If Max represents the incubation period implied by the episode’s title, Chloe is the hard outer shell. Despite being heavily advertised, Chloe doesn’t make a formal appearance until at least halfway through the episode — but her introduction is all the more exciting for it. She has this sort of looming, mysterious presence before we actually see her, let alone are introduced to her as Chloe — through Max’s journal, we learn the girls’ backstory: they were inseparable until Max moved to Seattle and, for whatever reason, never contacted Chloe again. When the two eventually reunite, Chloe isn’t at all what Max expected.
I won’t beat around the bush. I love Chloe. I spent less than two hours with Chloe and I think she has the potential to be one of this gen’s most memorable characters. She could easily have become a pothole on the manic pixie dream girl (despite noted issues with the term), wish-fulfillment road, and to be fair, there is a degree of this going on. But as TV Tropes notes:
Despite all that (or because of all that), there are ways of utilizing this trope without falling into that pitfall. Given enough time, Character Development can add to their personality and interests and pull them away from the MPDG foundation. The story may even be told from their perspective, revealing that there is more to them than bringing adventure to brooding guys. Deconstructions of the idea may show that they resent being considered only useful for the benefit of the main character, idolized as something that they are not, or that once the main character reaches their “enlightened” stage, the MPDG moves on to the next person who needs their help.
In just the first episode, Chloe has already been fleshed out better than anything other character (rightfully so, as she’s the deuteragonist) besides Max, with enough mystery to carry us through more development and character arcs. She boasts a mix of abandonment and daddy issues, is an assault survivor, and has a seriously dysfunctional home situation. Again, Dontnod treads some dangerous ground here, but has yet to use step in any cringe-worthy manner (that I picked up on, at least). It’s refreshing to see these issues portrayed in a character without them overwhelming or otherwise defining the character. Chloe isn’t interesting because she’s had a rough life; she’s more relatable and realistic for it, but these traits aren’t thrown in carelessly. She’s a character with an immense energy, depth, and charisma. She’s tough and she’s complicated and she refuses to take shit from anyone, even Max. I’ve scarcely seen this level of nuance in female characters, let alone supporting female characters, in video games.
Oh, and she’s probably queer, based off of some of her decorative choices and her affectionate descriptions of Rachel. I’m aware that I have perhaps cultivated a reputation for assuming most female characters are queer, even without pre-existing subtext — I don’t deny that. But as infatuated as I am with Chloe, as both a character and for what she represents, I don’t think I’m reaching here. That said, at its heart — without the science-fiction and supernatural elements — Life is Strange is a story of female friendship, how two young women reunite and support one another as they face adulthood. Despite both being rather pragmatic, they acknowledge that something — destiny, perhaps? the butterfly? — brought them together for a reason. It’s no coincidence that Max’s powers appear just in time to save Chloe’s life. Whether romance becomes part of that remains to be seen; even with my inclination to pair off female characters, Max and Chloe’s interactions have been fairly platonic thus far. I’d be delighted to see that change, but equally pleased if Dontnod makes a conscious design to not change it — to instead craft a (female) bildungsroman that doesn’t culminate in romance, and to celebrate female friendship and sisterhood without sexualizing it or its characters.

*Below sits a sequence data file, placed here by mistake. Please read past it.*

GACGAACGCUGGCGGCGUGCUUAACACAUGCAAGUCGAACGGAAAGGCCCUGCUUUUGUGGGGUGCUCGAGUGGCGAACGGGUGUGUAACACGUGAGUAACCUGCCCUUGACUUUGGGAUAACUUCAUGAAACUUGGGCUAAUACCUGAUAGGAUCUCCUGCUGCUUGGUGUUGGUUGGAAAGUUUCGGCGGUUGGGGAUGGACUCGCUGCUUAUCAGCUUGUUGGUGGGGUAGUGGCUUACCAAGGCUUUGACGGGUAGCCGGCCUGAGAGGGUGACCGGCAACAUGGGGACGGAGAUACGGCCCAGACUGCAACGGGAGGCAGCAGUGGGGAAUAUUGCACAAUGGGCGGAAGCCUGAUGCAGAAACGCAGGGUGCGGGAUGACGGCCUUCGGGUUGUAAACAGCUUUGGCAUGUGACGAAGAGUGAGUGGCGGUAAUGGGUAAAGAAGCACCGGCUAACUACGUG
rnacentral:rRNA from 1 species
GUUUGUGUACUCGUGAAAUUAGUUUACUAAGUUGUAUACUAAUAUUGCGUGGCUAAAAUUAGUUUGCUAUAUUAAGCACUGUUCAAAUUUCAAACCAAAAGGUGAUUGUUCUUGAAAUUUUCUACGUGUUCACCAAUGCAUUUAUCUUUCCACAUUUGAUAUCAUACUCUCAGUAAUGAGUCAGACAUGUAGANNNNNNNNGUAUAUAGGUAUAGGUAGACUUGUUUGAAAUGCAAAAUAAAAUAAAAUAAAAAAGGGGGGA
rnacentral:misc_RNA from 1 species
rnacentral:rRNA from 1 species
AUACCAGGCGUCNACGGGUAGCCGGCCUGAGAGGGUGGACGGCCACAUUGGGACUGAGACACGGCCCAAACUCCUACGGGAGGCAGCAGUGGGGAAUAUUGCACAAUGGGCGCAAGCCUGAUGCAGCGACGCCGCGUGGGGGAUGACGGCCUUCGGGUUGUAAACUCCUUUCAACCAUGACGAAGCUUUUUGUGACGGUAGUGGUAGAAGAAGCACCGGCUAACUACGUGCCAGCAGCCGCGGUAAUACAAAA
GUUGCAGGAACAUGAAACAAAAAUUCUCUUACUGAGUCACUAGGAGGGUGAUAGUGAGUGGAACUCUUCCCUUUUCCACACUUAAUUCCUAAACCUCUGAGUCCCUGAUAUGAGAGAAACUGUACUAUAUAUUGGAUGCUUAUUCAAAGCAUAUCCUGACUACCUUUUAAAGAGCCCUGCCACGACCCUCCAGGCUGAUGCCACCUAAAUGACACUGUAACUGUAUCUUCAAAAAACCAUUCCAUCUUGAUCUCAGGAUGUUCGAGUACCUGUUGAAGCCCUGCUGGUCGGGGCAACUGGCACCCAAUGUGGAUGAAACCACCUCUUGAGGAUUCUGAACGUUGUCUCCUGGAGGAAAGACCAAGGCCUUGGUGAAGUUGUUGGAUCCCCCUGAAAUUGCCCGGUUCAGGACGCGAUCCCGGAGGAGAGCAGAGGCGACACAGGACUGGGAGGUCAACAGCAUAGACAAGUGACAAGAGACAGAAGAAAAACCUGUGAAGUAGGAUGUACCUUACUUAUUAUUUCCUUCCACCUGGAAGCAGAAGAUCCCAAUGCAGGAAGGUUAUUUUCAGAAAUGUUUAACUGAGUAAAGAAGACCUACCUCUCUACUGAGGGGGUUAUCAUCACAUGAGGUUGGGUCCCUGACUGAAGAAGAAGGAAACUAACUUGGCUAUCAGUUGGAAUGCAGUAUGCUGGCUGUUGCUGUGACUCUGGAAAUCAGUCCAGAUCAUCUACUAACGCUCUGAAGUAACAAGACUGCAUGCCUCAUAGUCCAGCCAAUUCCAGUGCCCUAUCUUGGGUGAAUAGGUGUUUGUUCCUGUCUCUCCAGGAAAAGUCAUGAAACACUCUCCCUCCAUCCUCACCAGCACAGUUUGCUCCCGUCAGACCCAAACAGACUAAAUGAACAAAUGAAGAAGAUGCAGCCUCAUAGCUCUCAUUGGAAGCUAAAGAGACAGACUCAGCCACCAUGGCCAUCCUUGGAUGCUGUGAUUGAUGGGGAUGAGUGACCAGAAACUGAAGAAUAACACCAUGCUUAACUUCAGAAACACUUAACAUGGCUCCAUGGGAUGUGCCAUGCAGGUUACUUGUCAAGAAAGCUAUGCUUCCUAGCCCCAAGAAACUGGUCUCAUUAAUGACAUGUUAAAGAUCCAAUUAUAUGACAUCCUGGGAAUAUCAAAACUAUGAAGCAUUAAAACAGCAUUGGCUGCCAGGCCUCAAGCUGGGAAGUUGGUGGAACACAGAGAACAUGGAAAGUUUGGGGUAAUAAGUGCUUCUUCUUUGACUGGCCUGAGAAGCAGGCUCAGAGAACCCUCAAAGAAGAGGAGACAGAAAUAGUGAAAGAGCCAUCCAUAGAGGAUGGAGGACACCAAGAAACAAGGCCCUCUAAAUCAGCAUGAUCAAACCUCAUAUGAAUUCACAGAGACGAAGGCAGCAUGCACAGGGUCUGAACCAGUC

Life is Strange‘s first episode managed to deliver on, and exceed, every one of my expectations for it. The first chapter concludes with a slideshow of the vivid characters encountered, who will no doubt hold further significance to the story as Arcadia Bay’s many mysteries unfold, all under the foreboding threat of a coming storm — the tornado Max dreams will hit the town in just four days. As the episode faded out, I watched the credits roll by, the incredible mood and atmosphere still encircling me, and it lingered for days after. There is still so much for me to explore in-game and to talk about outside of it; if nothing else, that’s the mark of a fantastic release — one that inspires me to talk about it, to analyze it; one that draws me into it and back to it several times. Life is Strange is not a game that anyone would bank on as a success in an industry so inundated with guns held by rugged white guys; it set out with a vision to create a modern-day, women-driven Twin Peaks, and succeeded. It’s a refreshing change from an industry that is otherwise rather trapped in sameness and stagnation. I have a big journey left to take with Max and Chloe and, judging by its first steps, it will be quite a ride.